At the same time in the IETA Business Hub, Shell will moderate an event examining how nature and technology can be utilised to enhance ambition - both in terms of accelerating GHG reductions but also to bring co-benefits through improved environmental and social performance.

    At 1700 we have added a new event: the Nigerian state of Kaduna will present a session on how to build resilience through adaptation measures, and GHG reduction by establishing climate-smart livestock production and agroforestry programmes.

    That’s all for today. Remember you can find all the information you need on BINGO Day and on IETA’s schedule of events, as well as our COP priority papers and a quick Guide to Article 6 and why it matters, at the IETA COP25 webpage.

    Kind regards,

    Alessandro

  • 04 Dec 2019 10:59 AM | Anonymous



    ICROA's Antoine Diemert found himself next to UNFCCC Executive Secretary Patricia Espinosa at a photo-call during a side event on reducing emissions from travel and tourism.

    Dear colleagues,

    Day 3 at COP saw the first really new negotiating text of the session, though it does not appear to have bridged the deep divides that remain between Parties on key issues. There were some complaints that this text has been issued too quickly for Parties to review it sufficiently, but there was a general sense that it should still form the basis of negotiations.

    At this morning's initial meeting of Heads of Delegations, various Parties reiterated their unhappiness with a familiar list of items: Share of Proceeds and OMGE under Article 6.2, CDM transition, and double counting/ corresponding adjustments. Slimming the text down may have only served to show the divisions in greater relief. 

    The talks moved into a contact group in the afternoon, with a packed room hearing that co-facilitators Sealy and Stiansen would organise meetings to discuss issues with interested Parties.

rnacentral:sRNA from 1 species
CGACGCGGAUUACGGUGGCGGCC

The contact group discussed Article 6.8 and appeared to be moving towards a decision on whether a supervisory body for non-market mechanisms is needed. Talks on Article 6.4 focused on corresponding adjustments, permanence and reversals and authorisation of activities.

    The session closed before there was time to discuss Article 6.2, and this will be addressed tomorrow. The morning session will be restricted to Parties only, to focus on technical issues on Article 6.2 and some outstanding Article 6.4 items.

    IETA has today published a short Guide to Article 6 that explains why we think it’s a critical component of the progress to meeting Paris Agreement goals. Please feel free to distribute it among your networks. It’s also on our COP25 webpage.

    Wednesday's events:

    Away from the negotiations, IETA held a full day of side events, kicking off with a session with Global Environmental Markets on how new technology will boost ITMO trading under Article 6. 

    We then hosted a very full and successful session on the state of play in governing carbon capture and storage. IETA Board member Arthur Lee led a discussion with representatives of the IEA, Occidental, Petrobras, the Global CCS Institute and ERM.

    Dirk Forrister and Lisa DeMarco flew the flag for IETA at an EU-organised event on how to meet NDCs using carbon pricing. IETA offered an update on the developments in the various operating markets.

    The EU ETS finally got a look-in today with an event sponsored by our partners Vertis Environmental Finance. A second event at our own Hub featured Sam van den Plas of Carbon Market Watch and Katerina Koliacova of Vertis discussing the lessons of Phase 3 and the outlook for Phase 4 of the European market.

    Our final event was IETA’s traditional Welcome Reception, at which we partnered with Natural Capital Partners to recognise the UK with a Net Zero Award. “The U.K. has a long history of innovation in market-based mechanisms and in climate ambition forged in a bipartisan spirit,” Dirk told the assembled guests. The award gained a rapid response from next year's COP President, former UK climate minister Clare Perry (see image below).

    At the IETA Business Hub on Thursday

    Our schedule on Thursday at the Hub starts at 1030 as the European Bank for Reconstruction and Development, together with South Pole, host a session on how markets can help support the low carbon transition in the Mediterranean region.

    At 1200, ICROA will hold an event to discuss the outlook for voluntary action after 2020. This event will feature Kay Harrison, New Zealand’s climate ambassador, together with Stephen Donofrio of Ecosystem Marketplace and David Hone of Shell. This event coincides with the publication of this year’s State of the Voluntary Markets Report.